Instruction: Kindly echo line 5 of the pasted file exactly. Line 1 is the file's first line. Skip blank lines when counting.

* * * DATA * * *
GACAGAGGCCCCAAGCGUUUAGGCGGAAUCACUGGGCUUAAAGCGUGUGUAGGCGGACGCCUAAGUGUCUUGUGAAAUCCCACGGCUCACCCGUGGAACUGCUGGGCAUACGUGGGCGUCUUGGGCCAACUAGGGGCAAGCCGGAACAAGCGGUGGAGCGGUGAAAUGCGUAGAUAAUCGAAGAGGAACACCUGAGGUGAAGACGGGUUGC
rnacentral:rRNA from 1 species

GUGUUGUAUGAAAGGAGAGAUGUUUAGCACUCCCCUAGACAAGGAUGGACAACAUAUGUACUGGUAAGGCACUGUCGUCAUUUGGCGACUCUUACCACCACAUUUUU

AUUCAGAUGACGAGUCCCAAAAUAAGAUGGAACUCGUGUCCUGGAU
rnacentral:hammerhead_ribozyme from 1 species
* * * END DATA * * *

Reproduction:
rnacentral:hammerhead_ribozyme from 1 species